In an earlier post I gave the spoiler alert that Stockholm was our favorite port of call.
It started out rocky. Early in the cruise we were told we were not actually dock in Stockholm, but in Nyashamn instead. But, because we booked when we were supposed to dock in Stockholm, we would be given a free shuttle bus to Stockholm. Book now, first come gets first choice of times.
So our 12 hour docking in Stockholm was cut short by an hour-long bus ride each way PLUS they were only providing transportation so we could spend about five and a half hours IN Stockholm.
The real bummer was I did no research about our trip until the weekend before we left. I could not wrap my head around actually going to the Baltic Sea. My focus had been on job hunting, which was getting me nowhere.
When I finally did start planning, I fell in love with about twelve hours worth of things to do in Stockholm and I didn't want to cut that list in half.
Don and I even discussed skipping going to shore and saving Stockholm for another trip, one where we could explore it fully. This year has taught me you don't know if you'll be given another chance so we should grab this one.
I'm glad we did.
The 7 AM bus left at 7:20, but the hour-long bus ride was only 45 minutes long, so it evened out. We learned the port was a subway ride away from downtown, so we could use our all day metro card to get back to the boat later than we would have on the bus. It gave us flexibility.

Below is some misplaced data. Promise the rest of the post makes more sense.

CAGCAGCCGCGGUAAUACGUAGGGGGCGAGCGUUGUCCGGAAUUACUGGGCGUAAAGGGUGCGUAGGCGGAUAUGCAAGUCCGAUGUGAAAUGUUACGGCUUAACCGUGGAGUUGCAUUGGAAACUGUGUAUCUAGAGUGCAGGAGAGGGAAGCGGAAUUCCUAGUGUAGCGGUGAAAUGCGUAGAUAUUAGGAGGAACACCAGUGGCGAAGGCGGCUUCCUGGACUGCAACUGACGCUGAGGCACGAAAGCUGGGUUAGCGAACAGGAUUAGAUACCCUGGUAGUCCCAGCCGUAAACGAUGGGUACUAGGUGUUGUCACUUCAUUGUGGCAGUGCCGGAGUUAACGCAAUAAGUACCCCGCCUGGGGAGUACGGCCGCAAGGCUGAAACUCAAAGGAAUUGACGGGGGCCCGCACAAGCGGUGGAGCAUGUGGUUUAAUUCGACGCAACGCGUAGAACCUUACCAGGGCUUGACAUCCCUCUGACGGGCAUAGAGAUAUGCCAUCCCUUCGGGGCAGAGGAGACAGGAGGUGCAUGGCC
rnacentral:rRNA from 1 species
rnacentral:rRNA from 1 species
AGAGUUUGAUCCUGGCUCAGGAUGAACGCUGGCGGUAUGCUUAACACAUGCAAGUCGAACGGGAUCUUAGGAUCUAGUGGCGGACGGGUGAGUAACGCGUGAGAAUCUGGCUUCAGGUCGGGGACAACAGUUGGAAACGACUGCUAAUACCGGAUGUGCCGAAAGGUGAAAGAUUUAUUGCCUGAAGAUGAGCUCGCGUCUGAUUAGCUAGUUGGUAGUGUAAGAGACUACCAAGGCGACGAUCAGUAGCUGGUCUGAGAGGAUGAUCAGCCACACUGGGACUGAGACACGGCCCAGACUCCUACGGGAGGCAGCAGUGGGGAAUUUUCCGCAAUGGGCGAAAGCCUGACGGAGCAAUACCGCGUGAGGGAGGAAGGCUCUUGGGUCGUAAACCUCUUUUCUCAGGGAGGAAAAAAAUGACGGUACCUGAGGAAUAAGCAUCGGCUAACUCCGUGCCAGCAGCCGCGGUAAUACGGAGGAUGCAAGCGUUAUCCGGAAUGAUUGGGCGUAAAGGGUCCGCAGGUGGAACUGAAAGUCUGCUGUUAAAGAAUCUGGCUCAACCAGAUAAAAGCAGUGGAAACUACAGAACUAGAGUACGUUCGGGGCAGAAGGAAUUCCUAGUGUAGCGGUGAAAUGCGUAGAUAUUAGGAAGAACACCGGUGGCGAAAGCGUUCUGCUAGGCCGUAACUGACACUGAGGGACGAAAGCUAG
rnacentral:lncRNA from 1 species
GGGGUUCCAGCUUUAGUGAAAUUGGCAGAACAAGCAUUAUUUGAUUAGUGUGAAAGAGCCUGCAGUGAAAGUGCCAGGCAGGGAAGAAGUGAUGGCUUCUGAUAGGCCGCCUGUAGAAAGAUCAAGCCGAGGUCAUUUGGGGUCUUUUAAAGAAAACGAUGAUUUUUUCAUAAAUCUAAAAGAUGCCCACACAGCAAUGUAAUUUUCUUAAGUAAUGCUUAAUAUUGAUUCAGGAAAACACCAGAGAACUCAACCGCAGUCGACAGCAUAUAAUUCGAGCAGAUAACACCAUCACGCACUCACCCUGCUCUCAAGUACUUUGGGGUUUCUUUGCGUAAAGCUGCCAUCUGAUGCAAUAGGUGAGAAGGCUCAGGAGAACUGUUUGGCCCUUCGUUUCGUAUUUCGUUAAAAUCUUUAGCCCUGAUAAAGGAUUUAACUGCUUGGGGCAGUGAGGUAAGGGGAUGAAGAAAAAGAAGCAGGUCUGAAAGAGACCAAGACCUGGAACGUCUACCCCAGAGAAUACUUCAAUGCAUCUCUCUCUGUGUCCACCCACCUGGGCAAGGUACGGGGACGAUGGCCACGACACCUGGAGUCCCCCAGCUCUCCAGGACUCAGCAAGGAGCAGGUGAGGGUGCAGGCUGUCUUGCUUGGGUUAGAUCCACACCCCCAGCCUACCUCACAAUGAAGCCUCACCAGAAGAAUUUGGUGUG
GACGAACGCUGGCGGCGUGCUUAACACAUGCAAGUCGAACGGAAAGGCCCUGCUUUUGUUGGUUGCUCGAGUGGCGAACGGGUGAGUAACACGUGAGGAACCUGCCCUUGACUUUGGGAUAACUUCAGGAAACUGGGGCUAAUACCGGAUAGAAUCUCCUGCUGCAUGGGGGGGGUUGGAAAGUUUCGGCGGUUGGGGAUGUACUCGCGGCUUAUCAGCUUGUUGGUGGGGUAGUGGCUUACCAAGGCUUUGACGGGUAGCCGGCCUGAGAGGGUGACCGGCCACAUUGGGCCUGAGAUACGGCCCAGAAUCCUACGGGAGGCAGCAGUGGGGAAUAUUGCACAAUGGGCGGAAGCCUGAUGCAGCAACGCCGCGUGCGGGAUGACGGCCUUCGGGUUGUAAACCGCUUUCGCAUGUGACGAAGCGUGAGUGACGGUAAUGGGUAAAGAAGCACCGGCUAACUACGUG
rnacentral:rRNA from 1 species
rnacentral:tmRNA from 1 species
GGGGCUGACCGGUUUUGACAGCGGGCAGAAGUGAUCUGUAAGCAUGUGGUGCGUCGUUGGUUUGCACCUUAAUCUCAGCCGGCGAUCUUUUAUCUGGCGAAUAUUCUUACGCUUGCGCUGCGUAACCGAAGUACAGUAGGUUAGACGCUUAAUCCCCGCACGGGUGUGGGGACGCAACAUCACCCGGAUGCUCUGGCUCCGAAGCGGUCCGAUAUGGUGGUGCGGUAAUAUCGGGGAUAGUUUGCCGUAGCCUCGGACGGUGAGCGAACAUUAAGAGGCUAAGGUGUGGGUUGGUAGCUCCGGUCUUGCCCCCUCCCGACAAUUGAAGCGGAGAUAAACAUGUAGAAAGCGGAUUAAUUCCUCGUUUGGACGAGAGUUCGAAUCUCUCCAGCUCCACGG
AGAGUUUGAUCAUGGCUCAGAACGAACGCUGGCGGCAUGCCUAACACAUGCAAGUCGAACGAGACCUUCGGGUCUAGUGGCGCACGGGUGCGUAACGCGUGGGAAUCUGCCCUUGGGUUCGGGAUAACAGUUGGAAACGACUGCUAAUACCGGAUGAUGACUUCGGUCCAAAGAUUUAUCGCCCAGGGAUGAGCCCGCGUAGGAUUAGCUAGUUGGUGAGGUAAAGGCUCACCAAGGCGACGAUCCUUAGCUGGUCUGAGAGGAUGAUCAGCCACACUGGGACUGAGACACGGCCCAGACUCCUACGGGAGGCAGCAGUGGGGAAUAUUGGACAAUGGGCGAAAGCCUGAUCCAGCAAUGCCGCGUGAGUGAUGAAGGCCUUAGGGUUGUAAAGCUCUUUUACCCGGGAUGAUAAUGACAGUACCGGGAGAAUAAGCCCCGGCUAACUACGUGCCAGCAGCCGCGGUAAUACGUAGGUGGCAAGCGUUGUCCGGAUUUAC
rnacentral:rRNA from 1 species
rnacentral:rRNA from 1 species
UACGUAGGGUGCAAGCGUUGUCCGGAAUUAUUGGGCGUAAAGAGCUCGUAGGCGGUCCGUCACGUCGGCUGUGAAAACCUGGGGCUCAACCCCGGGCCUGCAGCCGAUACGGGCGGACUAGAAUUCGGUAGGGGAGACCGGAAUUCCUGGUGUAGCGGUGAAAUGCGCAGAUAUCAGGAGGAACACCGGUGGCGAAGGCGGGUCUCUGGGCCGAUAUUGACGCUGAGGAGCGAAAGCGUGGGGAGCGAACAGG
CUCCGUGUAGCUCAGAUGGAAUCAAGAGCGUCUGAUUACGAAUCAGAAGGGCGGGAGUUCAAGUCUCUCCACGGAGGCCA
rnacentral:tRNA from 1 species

We hit the ground running as soon as the bus stopped in Stockholm. Unfortunately it was too early to do the two things I deemed the highest priorities: going to Vasa and Skensen. The boat we would take did not start running until 9 AM, about the time the ticket booth opened.
Plan B (or is it Plan C at this point): walk around Gamla Stan, the old part of Stockholm.
We had this 13th century part of town to ourselves, which has it pros and cons. Next time I'd rather explore it when the cafes and shops are open and there is a bit more life. Of course then I'd wish for empty streets so I could take good pictures.
Here are some pictures of Gamla Stan. Most of the buildings date back to the 17th and 18th century. I read someplace about 3,000 people live in this section of Stockholm.
It is picturesque, but Tallinn, Estonia was even more photogenic.
By this point the boat's ticket office was open, and the boat was getting ready to leave. As this was our fifth currency in nearly as many days, I lost track of the conversion rate. When we were told we needed to pay an extra 20 Swedish Kronan for a card we could load with an all-day pass (because she did not sell paper ones), we had no idea what that translated into. When she said about 2 euros each, we did it and decided to hang onto the cars for a future trip to Stockholm. I have a pile of that type of item.
Fortunately the next two places I wanted to visit (Vasa and Skensen) were on the same boat line, making it semi-easy to do both as long as we could tear ourselves away.